The three-dimensional (3D) water modelling system, MOHID

Three dimensional hydrodynamic modelling has been used extensively to understand the flow dynamics in both shallow and oceanic waters. There have been many detailed studies of the hydrodynamics of tropical coral reefs [4],[5] but only two previous studies used hydrodynamic models [10],[15] to examine the ecology of cold-water coral reefs.

The hydrodynamic model MOHID (Modelo Hidrodinámico) used in this study was developed by the Marine and Environmental Technology Research Centre (MARETEC) at Instituto Superior Técnico, Technical University of Lisbon. This model has been previously used in ocean circulation, transport and mixing simulations along the continental shelf edge, in oil spill management, operational oceanography, nutrient load and residence time models in several places around the world (see http://www.mohid.com/wiki/index.php?title=Mohid_Bibliography#2013).

The model solves the equations of a three-dimensional flow for incompressible fluids and an equation of state relating density to salinity and temperature [39][41].

The Cartesian coordinate framework [41] equations are as follows:(1)(2)(3)(4)Where () is the velocity component, is the free surface elevation, is the turbulent viscosity coefficient, is the Coriolis parameter, is the atmospheric pressure, is the gravitational acceleration, is the density and represents the density anomaly as the depth mean density minus the density at particular height. The density is calculated as a function of salinity and temperature using the equation of state [42].

The residual current was estimated by averaging the horizontal flow over the modelled time period :(5)

The nested system used in this model consists of two sub-components: a coarse-resolution outer model covering part of the Sea of the Hebrides with a horizontal resolution of roughly 300 m, and a fine-resolution inner model covering the Mingulay Reef Complex with a horizontal resolution of roughly 100 m. In order to ensure model stability and a smooth transition between modelled areas certain constrains are imposed following the suggested protocol for nesting a hydrodynamics model [43].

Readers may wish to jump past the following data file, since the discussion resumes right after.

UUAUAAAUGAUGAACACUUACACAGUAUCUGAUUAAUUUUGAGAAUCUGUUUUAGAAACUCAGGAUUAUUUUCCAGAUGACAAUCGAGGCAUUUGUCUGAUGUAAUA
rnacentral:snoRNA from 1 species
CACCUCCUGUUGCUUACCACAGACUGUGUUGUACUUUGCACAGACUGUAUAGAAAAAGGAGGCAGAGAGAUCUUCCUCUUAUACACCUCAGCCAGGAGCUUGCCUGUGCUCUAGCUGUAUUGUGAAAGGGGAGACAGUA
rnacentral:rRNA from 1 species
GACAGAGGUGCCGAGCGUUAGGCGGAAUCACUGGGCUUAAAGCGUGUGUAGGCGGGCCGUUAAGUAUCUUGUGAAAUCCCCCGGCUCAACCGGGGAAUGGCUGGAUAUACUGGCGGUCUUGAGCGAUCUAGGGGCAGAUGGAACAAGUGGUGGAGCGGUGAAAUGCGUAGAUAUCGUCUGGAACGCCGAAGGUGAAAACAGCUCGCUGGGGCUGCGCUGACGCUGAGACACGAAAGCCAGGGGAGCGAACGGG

A bathymetry model was obtained from GEBCO and from two multibeam echosounder surveys carried out across the reef complex. The first survey led to the discovery of the Mingulay Reef Complex in 2003 and was carried out using a Kongsberg EM2000 multibeam echosounder [20]. The second survey in 2006 extended this area using a Kongsberg EM300 echosounder leading to the discovery of the Banana Reef [21],[37],[44]. These data were used to produce an initial GIS vector data layer followed by interpolation to 300 m and 100 m grid resolutions (Figure 2). An Arakawa C grid was used for spatial discretization [45] and in this study a sigma coordinate was chosen with eight vertical layers.

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Figure 2. Detail maps of the study area.

Bathymetry of Mingulay reef complex (left), and the bathymetry grid resolution used in the hydrodynamic model (right).

https://doi.org/10.1371/journal.pone.0098218.g002

The modelled hydrographic parameters were derived for two sampling stations within the reef complex and were recorded over model runs of 15 days (6/07/06 to 21/07/06) covering a lunar tidal cycle and coinciding with the period during which measurements were available [16]. Two hydrologic time series over two days were selected (11-13/07/06 at Station 1 and 14-15/07/06 at Station 2); two data cross-sections of one day were separated for use in the calibration and validation processes, and independently for cross-validation. Vertical eddy viscosity/diffusivity was determined with a turbulence closure model selected from those available in the General Ocean Turbulence Model (GOTM) [46].

In this application a 3D model forced with tide was implemented. Water level imposed at the boundary was taken from the FES2004 global tide solution [47], which gave heights of tidal constituents as it was not possible to use local tide gauge information. The model incorporates the islands of South Uist, Barra, Mingulay and Tiree (see Figure 2) covering an area 100 km north-south and 80 km east-west.

We compared the tidal water elevation calculated from the tidal constituents as per FES2004 with modelled values of tidal elevations from MOHID. The parameters used in the model calculations are summarized in Table 1.

Rates of residual flow were computed because this helps to understand long-term water exchange in the area. The residual current was estimated by averaging the horizontal flow over a modelled time period of 15 days (lunar tidal cycle).